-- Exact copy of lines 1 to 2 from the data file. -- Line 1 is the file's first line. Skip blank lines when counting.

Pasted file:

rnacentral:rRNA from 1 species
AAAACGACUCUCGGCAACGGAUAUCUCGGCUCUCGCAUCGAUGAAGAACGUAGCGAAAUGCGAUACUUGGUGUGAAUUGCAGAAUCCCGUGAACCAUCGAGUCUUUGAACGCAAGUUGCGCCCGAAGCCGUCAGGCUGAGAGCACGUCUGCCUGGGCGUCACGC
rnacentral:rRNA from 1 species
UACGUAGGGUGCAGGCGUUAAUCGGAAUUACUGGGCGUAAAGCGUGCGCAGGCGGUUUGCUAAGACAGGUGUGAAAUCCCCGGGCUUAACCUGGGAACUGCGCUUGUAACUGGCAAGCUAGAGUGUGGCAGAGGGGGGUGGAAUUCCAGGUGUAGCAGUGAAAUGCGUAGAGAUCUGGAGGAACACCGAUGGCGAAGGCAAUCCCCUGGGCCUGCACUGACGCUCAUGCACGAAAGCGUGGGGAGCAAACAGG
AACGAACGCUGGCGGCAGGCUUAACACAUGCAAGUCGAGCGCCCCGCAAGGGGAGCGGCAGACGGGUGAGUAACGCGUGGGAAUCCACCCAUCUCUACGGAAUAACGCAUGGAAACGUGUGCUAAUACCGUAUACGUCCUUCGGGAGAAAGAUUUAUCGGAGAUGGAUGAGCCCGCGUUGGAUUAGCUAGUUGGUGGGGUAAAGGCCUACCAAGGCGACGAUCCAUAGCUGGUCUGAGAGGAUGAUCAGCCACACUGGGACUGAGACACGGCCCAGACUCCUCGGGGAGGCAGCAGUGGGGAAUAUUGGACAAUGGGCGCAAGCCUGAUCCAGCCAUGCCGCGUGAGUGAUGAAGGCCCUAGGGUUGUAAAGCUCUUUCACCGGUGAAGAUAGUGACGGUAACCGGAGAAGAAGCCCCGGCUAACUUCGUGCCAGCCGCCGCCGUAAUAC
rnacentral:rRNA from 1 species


rnacentral:rRNA from 1 species
AAAACGACUCUCGGCAACGGAUAUCUCGGCUCUCGCAUCGAUGAAGAACGUAGCGAAAUGCGAUACUUGGUGUGAAUUGCAGAAUCCCGUGAACCAUCGAGUCUUUGAACGCAAGUUGCGCCCGAAGCCGUCAGGCUGAGAGCACGUCUGCCUGGGCGUCACGC